Six reasons to visit Seattle

Lucy Rock

Seattle-based writer

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October 2017

Famous for its coffee culture and as the birthplace of grunge, America’s fastest growing city also boasts a lively food scene, world-class museums and expansive green spaces. Local writer Lucy Rock picks six of the best.

Park life

Seattle isn’t known as the Emerald City for nothing. Flanked by scenic lakes and national parks, the city is also home to thousands of acres of glorious parkland. The largest expanse is Discovery Park, where you’ll find miles of trails, beaches and an old lighthouse. Gas Works Park – a former industrial site – is a scenic place to fly a kite or watch the boats on Lake Union. Beyond the city is a cluster of scenic national parks. Take a day trip with a local tour guide such as Evergreen Escapes to see the majestic landscapes of Olympic National Park, or the active volcano of Mount Rainier.

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Market values

A vibrant farmers’ market scene reflects Seattleites’ appetite for quality produce, seasonal ingredients and artisanal goods. Regular markets in neighbourhoods such as Ballard (on Sundays), Wallingford (on Wednesdays during the summer) and the University District (on Saturdays) reliably draw big crowds. The Fremont Sunday Market has a quirky vibe, selling everything from local honey to vintage collectibles. And no visit to the Seattle is complete without a trip to the covered Pike Place Market, one of the oldest in the US. Open daily, you can lose hours browsing stalls selling fresh farm produce, foraged food, flowers, jewellery and crafts. Don’t miss its famous ‘fish throwers’.

  • Cold brew at Anchorhead Coffee Co.

    Caffeine culture

    A global hotspot for all things espresso, Seattle is also the birthplace of the original Starbucks, first opened in 1971 at the gateway to Seattle’s historic Pike Place Market.

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  • Pike Place Public Market © Alamy.

    Downtown attractions

    In June 2017, the iconic Pike Place Market underwent a major $74 million renovation, allowing for 47 new rooftop day stalls and 30,000 square feet of new public space.

    Your 48-hour itinerary
  • Guitar sculpture at the Museum of Pop Culture © Tim Street-Porter.

    Make it pop

    For some interactive fun, other top-pick city museums include the Pacific Science Center and Seattle Children’s Museum (open Mon-Fri from 10am).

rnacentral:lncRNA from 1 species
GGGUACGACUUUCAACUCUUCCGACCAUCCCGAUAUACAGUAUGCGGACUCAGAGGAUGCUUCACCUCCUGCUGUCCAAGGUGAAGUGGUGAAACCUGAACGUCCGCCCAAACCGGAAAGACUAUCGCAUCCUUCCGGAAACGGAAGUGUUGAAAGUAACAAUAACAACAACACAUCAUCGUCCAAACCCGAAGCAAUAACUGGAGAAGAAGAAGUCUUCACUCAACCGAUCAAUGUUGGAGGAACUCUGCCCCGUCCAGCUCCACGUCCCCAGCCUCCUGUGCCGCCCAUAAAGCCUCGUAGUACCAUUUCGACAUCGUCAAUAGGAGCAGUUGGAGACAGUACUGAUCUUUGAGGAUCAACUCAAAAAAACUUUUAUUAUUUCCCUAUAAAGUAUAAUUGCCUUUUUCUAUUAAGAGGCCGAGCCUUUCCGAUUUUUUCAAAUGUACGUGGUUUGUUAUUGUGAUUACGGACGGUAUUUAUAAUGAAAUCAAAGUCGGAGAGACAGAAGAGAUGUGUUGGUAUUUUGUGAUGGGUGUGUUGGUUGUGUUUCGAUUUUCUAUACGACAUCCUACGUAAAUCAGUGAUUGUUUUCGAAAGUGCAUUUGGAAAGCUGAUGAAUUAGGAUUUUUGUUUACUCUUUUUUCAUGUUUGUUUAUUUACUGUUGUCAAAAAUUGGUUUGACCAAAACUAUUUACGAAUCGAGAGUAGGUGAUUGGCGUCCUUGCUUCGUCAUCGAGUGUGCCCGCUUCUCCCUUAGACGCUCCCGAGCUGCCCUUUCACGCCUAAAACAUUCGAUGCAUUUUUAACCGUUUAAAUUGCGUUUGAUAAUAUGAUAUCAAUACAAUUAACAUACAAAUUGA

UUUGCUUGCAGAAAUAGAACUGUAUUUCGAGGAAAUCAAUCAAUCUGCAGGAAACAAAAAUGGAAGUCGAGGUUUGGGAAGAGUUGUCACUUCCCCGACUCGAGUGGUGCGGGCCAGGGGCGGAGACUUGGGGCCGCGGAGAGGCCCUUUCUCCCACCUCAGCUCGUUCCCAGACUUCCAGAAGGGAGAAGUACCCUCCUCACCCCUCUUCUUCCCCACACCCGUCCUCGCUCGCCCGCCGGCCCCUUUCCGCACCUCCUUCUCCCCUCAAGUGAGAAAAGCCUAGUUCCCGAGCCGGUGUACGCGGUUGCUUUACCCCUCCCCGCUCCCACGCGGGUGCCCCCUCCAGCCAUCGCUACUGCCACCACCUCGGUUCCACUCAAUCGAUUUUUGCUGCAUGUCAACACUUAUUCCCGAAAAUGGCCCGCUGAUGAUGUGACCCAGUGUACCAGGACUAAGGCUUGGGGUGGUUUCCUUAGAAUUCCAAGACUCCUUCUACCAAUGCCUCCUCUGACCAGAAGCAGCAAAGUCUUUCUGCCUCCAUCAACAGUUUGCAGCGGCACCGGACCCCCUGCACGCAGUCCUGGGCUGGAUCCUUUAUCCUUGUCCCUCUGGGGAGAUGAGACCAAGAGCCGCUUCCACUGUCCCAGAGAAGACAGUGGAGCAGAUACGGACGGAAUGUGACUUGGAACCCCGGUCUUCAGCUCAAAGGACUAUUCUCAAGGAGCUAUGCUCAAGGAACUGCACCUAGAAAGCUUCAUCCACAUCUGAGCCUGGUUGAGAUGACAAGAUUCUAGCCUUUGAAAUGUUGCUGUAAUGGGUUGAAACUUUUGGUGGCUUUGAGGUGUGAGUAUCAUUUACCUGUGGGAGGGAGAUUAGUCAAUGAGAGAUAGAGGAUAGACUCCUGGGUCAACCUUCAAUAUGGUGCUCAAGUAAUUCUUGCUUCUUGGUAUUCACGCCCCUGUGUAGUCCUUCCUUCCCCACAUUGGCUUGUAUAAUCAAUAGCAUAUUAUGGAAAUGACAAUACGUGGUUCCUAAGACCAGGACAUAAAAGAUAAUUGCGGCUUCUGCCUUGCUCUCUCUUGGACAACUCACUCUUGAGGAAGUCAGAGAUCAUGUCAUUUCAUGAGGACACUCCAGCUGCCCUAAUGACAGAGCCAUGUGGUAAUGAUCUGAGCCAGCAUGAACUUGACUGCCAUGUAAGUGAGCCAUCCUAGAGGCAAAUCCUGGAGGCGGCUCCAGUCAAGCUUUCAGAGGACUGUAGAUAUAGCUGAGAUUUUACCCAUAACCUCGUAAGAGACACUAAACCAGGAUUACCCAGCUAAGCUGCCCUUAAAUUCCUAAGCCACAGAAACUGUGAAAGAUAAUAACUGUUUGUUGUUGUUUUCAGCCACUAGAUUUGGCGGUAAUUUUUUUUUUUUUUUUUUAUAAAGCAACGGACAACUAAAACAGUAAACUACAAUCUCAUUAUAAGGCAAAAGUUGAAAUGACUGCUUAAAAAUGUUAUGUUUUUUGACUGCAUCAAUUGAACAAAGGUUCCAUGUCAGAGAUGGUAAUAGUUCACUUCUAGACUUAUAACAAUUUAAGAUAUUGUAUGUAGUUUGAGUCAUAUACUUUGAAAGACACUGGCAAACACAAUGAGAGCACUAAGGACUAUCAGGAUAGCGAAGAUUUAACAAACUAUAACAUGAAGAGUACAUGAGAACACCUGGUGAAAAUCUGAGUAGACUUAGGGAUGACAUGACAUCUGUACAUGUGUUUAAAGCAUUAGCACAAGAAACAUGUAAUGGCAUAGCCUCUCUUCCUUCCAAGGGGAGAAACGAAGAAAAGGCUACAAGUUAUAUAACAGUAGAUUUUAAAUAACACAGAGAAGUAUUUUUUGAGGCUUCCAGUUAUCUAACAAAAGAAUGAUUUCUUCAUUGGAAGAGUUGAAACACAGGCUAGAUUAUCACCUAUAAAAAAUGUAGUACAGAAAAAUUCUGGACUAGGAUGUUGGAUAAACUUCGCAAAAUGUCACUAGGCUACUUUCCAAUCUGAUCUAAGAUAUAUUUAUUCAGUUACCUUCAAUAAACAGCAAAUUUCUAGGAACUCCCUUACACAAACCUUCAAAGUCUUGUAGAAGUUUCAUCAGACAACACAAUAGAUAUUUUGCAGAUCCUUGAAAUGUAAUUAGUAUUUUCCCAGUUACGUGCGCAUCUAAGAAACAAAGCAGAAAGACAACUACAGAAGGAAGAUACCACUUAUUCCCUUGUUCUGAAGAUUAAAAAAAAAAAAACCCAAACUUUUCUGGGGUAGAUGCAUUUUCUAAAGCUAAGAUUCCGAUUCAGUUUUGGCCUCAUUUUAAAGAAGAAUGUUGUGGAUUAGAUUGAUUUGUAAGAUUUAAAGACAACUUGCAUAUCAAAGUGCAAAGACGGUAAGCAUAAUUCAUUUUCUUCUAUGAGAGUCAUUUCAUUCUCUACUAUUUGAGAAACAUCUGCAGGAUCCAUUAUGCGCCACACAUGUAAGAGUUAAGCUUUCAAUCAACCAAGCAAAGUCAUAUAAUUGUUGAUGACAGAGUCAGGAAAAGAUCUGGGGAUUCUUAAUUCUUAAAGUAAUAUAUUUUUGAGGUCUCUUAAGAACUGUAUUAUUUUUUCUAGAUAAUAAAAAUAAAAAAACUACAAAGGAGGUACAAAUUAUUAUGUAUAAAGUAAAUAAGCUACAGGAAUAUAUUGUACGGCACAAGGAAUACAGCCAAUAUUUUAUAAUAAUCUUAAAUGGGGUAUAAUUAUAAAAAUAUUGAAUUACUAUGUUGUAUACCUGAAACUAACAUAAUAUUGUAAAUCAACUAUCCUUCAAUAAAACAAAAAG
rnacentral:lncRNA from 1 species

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The life aquatic

Water plays a big part in Seattle life – and not just because of its rainy reputation. The city is surrounded by bodies of water, with Puget Sound to the west, Lake Washington to the east, and Lake Union and Green Lake to the north. Discover the history of Lake Washington on a 90-minute cruise and catch a glimpse at the homes of Seattle’s famous residents, including Bill Gates’ estate. For an exhilarating day trip, try whale watching off the San Juan Islands – look out for orca, minke or humpback whales.

Seattle oozes musical credibility. It is, after all, the birthplace of Jimi Hendrix and the grunge movement led by Nirvana.

Caffeine – and beyond

A coffee lover’s paradise, Seattleites are said to drink more than in any other US city – and they’re fussy about their beans. Its streets are punctuated by cool, high-quality cafés that multi-task as work and social spaces. Try a cold brew with house-made almond milk at the Anchorhead Coffee Co or sip a classic cappuccino at Café Allegro, considered the city’s oldest espresso bar. Starbucks is famously headquartered here and the first 1971 shop in Downtown is a draw for tourists.

  • The cultured crowd of Seattle Art Museum © Benjamin Benschneider.

    See the big picture

    A sophisticated way to whittle away an afternoon, your Seattle Art Museum entrance fee covers all collections and installations (excluding special exhibitions). Closed on Mondays and Tuesdays.

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High notes

Seattle oozes musical credibility – it is, after all, the birthplace of Jimi Hendrix and the grunge movement led by Nirvana. Get an overview of the city’s musical heritage at MoPOP, the Museum of Popular Culture, housed in a futuristic Frank Gehry-designed building. After viewing the memorabilia, release your inner rock star in the Sound Lab where you can jam, sing and drum as loud as you like. Hendrix fans can salute his statue in Capitol Hill and make a pilgrimage to Jimi Hendrix Park in the Central District, whose paths form the outline of a guitar. For live music, head to The Crocodile in Belltown, a legendary venue where Nirvana and Pearl Jam played in the 90s.

Culture fix

There’s no shortage of cultural riches in Seattle, which is brimming with credible galleries, museums and theatres. It’s also known for its strong public art programme, with hundreds of works in parks and on the streets (don’t miss the enormous Fremont Troll, under Aurora Bridge). Wander through the galleries at Seattle Art Museum to see everything from Native American artwork to paintings by the European masters. Discover the Scandinavians’ contribution to the city at the Nordic Heritage Museum, which holds a jolly Yulefest in November with music, craft stalls and glögg, Scandinavia’s mulled wine.

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